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Background: Use of improved early risk stratification protocols and chest pain observation units has reduced inpatient admissions for evaluation of chest pain. We sought to examine the trend in inpatient admissions for evaluation of chest pain and impact on healthcare cost in the US.
Methods: We reviewed the Healthcare Cost and Utilization Project's Nationwide Emergency Department Sample (NEDS) databases from 2006-2013 for ER visits with a primary complaint of chest pain (ICD-9-CM codes 786.50, 786.51 and 786.59). We analyzed the annual number of inpatient admissions. Costs were estimated based on 2009 Medicare data for hospital reimbursement and physician services.
Results: From 2006 to 2013, a total of 50.6 million patients presented to the ER with a primary complaint of chest pain. In 2006, out of 5.4 million patients evaluated for chest pain, 1.1 million (21.01%) were admitted for further evaluation. In 2013, out of 7.1 million patients evaluated for chest pain, 0.8 million (11.83%) were admitted for further evaluation. This represents a 43.7 % relative reduction in admissions for evaluation of chest pain. With an estimated mean inflation adjusted cost of $ 12, 421 per admission in 2013 US dollars, this represents a saving of around $ 8 billion in 2013.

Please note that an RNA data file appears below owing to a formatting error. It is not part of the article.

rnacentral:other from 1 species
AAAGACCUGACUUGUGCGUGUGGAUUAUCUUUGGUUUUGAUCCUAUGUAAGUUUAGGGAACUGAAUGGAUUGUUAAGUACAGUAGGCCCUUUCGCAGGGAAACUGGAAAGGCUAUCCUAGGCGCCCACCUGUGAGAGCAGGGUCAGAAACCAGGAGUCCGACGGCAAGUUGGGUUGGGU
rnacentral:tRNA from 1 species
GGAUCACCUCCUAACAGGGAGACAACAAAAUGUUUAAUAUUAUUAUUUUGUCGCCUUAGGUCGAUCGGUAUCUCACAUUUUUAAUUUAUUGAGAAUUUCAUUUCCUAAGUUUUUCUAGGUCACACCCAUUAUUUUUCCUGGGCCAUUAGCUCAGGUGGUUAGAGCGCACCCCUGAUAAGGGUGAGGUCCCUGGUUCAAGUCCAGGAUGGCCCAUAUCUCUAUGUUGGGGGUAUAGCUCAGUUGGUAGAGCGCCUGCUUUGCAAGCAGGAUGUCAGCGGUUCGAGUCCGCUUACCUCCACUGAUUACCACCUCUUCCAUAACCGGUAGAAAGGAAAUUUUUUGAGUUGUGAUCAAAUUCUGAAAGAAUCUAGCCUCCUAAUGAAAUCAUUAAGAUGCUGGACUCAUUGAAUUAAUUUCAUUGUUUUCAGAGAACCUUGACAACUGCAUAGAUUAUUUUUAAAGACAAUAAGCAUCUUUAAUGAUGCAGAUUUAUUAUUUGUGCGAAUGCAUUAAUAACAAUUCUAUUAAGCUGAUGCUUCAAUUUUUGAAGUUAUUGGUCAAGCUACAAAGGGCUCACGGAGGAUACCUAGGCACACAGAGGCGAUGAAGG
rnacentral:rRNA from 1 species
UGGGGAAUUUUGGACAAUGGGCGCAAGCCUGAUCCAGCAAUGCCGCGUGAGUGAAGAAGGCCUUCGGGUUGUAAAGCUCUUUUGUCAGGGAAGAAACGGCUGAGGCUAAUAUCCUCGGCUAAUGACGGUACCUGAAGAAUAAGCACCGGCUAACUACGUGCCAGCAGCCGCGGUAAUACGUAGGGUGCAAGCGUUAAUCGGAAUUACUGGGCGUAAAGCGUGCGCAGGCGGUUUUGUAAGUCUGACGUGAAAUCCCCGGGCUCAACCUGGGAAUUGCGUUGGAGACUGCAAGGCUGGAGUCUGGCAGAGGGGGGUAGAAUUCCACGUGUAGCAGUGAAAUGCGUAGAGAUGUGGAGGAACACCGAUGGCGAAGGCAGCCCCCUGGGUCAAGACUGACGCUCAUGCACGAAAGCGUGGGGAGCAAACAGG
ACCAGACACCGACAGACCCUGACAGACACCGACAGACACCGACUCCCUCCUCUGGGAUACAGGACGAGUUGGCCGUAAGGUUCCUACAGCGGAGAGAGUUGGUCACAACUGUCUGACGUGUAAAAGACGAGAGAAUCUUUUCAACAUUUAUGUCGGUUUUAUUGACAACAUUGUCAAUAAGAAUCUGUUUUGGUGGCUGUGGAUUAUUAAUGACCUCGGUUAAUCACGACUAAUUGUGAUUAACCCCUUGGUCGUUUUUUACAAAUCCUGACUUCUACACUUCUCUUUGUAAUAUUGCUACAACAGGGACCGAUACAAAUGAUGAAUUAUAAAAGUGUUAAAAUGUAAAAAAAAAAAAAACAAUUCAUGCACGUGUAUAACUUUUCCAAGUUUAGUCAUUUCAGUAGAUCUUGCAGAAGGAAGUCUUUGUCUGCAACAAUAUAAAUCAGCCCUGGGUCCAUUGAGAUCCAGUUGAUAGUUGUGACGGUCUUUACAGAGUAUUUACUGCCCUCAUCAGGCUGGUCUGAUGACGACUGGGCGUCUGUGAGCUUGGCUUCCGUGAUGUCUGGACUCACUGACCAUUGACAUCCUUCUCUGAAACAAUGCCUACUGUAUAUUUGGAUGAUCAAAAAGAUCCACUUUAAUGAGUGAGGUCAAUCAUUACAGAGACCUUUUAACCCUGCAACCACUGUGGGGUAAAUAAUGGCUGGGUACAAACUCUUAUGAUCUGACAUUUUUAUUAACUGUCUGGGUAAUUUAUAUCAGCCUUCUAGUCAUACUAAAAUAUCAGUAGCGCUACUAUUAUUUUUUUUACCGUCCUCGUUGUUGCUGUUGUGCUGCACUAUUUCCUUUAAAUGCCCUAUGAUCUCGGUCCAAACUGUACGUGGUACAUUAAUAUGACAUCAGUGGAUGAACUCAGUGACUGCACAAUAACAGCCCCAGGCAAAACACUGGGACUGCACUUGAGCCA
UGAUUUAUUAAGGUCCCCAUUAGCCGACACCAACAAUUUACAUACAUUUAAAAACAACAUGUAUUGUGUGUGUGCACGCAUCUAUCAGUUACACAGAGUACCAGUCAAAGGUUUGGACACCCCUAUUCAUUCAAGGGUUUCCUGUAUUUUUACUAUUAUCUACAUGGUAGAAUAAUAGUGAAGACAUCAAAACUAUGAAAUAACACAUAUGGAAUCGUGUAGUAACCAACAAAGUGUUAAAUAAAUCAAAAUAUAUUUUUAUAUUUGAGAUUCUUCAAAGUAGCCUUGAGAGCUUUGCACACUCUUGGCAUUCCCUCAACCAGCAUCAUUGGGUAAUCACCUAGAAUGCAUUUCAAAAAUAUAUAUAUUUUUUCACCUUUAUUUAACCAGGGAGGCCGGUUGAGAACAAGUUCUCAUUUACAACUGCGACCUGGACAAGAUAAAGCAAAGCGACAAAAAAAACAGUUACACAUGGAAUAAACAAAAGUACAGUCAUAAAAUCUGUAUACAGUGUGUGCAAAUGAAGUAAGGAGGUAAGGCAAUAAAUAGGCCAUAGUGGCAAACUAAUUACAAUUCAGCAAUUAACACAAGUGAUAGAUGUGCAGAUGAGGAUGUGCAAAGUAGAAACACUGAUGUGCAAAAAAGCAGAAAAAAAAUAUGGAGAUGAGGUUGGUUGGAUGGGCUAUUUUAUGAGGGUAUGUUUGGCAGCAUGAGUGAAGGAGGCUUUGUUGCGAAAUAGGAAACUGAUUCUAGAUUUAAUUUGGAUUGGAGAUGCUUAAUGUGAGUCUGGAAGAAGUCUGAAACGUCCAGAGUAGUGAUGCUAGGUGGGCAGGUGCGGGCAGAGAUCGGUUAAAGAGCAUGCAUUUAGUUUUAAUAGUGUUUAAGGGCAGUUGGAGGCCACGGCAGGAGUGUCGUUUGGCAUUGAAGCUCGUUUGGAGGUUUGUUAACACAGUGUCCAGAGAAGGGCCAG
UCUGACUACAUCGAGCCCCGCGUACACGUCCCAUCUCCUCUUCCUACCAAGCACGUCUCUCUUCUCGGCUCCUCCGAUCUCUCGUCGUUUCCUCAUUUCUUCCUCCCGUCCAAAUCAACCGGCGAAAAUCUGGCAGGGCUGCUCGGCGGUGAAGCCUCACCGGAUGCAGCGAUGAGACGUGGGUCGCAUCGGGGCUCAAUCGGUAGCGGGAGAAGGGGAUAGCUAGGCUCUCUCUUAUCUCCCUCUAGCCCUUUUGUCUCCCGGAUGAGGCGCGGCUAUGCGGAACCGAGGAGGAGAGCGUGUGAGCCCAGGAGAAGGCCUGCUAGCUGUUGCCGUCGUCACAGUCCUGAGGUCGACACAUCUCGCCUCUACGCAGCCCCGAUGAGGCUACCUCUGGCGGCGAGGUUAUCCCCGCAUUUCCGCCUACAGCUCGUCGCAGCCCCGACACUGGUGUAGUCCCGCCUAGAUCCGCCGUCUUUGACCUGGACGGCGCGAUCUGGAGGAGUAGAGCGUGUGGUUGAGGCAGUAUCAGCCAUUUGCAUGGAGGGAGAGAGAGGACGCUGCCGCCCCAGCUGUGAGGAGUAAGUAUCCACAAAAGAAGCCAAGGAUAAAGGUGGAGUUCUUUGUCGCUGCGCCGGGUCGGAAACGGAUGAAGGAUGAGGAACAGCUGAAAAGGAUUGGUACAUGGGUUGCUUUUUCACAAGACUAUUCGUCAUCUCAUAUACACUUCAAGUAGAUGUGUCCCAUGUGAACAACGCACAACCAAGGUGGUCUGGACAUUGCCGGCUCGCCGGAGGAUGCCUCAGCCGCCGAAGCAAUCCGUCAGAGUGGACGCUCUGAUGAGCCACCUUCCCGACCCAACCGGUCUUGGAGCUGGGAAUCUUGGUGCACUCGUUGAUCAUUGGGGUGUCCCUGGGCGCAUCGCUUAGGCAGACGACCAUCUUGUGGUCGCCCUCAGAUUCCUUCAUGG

Conclusions: Although the number of patients presenting with chest pain has increased from 2006 to 2013, the overall rate of inpatient admissions for chest pain evaluation has reduced significantly. However, there is still room for further cost savings.
Poster Hall, Hall C
Sunday, March 19, 2017, 9:45 a.m.-10:30 a.m.
Session Title: Unusual Presentations of ACS
Abstract Category: 2. Acute and Stable Ischemic Heart Disease: Clinical
Presentation Number: 1297-332
- 2017 American College of Cardiology Foundation